Johannesburg – African countries have been urged to sign the Luxembourg Protocol by Soteri Gatera, the Chief of Industrialisation and Infrastructure at the Economic Commission for Africa (ECA).
Gatera made the call during his presentation titled, ‘The Luxembourg Rail Protocol: Railway Rolling Stock Financing – A new solution for Africa’ at the Programme for Industrial Development in Africa (PIDA) Week 2018 in Victoria Falls in Zimbabwe, which began on Monday and concludes on Wednesday.
The Luxembourg Protocol, which was adopted in 2007 but is still not in force, creates a new global legal regime for securing creditors, facilitating more and cheaper asset-based financing of railway equipment without state support, African Business Communities reported on Tuesday.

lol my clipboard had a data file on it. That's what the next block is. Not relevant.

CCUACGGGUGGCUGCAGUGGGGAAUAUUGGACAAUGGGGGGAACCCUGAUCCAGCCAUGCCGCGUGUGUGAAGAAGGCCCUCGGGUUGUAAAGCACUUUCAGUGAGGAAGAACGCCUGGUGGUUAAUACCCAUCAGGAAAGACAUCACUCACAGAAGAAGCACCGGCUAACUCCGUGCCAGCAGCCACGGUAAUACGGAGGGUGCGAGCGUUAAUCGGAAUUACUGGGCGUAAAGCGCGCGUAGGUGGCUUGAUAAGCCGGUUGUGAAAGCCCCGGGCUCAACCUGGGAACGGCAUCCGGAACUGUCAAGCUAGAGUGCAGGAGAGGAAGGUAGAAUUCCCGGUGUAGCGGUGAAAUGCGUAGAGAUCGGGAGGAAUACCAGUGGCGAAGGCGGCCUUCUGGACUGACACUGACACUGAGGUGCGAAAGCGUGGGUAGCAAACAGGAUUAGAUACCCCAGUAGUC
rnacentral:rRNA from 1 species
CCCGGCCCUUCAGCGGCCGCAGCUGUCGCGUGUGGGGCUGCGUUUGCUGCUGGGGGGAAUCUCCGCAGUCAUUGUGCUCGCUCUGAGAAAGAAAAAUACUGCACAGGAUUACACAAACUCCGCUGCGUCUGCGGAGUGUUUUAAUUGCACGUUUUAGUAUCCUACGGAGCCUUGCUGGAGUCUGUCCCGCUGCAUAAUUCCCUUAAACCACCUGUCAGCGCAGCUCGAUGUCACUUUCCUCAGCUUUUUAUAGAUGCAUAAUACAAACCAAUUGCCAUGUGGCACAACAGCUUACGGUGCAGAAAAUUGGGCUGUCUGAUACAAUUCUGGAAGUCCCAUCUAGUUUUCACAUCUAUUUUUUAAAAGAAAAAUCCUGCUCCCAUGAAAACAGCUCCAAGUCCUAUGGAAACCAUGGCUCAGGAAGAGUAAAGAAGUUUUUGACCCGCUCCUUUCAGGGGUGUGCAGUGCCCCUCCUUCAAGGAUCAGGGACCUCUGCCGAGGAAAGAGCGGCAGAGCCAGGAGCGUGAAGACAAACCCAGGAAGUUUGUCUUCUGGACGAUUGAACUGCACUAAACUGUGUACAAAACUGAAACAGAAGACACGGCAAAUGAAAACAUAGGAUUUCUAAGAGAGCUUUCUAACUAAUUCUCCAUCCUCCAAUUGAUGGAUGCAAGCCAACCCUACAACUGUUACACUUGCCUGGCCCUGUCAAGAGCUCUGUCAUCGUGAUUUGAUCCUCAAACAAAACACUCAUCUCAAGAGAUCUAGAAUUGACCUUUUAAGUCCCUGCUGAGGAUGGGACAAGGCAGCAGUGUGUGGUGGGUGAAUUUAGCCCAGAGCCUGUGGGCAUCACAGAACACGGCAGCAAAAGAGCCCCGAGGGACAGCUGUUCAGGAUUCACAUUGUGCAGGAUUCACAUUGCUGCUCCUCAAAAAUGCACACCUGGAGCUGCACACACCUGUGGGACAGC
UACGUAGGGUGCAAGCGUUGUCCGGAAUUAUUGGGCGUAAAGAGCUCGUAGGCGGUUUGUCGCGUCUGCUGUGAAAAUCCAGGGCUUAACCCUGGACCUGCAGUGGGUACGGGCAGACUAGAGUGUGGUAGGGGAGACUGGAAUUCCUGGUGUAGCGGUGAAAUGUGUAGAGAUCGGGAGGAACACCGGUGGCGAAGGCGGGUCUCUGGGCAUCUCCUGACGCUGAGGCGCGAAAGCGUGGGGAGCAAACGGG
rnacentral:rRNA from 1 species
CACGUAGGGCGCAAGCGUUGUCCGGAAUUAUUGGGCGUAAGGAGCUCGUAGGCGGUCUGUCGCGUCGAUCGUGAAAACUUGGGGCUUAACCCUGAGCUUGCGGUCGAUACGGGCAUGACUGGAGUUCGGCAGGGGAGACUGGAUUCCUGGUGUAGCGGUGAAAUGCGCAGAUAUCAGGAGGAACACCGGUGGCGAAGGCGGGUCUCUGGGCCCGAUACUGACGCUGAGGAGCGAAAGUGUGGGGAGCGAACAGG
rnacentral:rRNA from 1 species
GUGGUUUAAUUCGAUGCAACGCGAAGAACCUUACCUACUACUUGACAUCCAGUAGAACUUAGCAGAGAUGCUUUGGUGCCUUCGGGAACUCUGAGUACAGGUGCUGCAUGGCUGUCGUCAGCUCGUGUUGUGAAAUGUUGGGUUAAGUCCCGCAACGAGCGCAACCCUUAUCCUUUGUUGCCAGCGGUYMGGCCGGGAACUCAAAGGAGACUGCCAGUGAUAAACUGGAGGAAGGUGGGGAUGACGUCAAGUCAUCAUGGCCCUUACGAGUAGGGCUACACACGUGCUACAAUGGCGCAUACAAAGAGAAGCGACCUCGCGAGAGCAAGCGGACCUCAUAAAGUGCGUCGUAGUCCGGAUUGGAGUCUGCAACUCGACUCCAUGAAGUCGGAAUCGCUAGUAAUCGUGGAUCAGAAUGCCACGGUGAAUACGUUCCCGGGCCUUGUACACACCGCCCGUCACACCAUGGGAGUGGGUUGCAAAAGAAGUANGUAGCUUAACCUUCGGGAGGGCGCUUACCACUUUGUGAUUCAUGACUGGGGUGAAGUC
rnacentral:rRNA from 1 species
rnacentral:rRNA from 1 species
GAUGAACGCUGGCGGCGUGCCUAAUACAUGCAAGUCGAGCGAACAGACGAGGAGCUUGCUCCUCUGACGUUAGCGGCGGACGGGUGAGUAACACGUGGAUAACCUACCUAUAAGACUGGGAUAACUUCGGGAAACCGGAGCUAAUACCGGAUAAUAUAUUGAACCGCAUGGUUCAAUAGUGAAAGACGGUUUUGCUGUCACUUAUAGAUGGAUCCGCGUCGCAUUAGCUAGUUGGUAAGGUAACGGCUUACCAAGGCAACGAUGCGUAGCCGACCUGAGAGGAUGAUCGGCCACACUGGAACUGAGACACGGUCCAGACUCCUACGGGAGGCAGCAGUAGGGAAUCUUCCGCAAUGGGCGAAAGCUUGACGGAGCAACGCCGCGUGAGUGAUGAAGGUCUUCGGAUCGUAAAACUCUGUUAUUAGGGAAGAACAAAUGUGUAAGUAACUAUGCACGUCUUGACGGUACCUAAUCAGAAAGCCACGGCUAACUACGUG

Entry into force needs four ratifications and an international registry ready to begin operations. The European Union, Gabon, Luxembourg and Sweden are the only ones who have ratified the protocol so far.
Italy, Germany, France, Mozambique, Switzerland and UK have signed but are yet to ratify. Finland and Malta have signalled that they would be signing shortly.
“Lack of integrated African rail networks is holding back African growth and intra-continental trade,” said Gatera, adding moving passengers and freight onto high-speed rail networks was vital for environmental, social and economic reasons.
This will all require billions of dollars in investment infrastructure and rolling stock. However, the resources of African governments are limited.
“There is an urgent need for more rolling stock. It is clear that states cannot carry this burden alone and private entrepreneurs and private capital is needed to ensure the dream comes true,” said Gatera.
According to Gatera ratifying the protocol would remove significant financial burden from governments and liberate public and private operators to obtain private sector financing for rolling stock when needed thereby placing no budgetary constraints on states.
The protocol is expected to be in force in contracting states by late 2019.
African News Agency (ANA)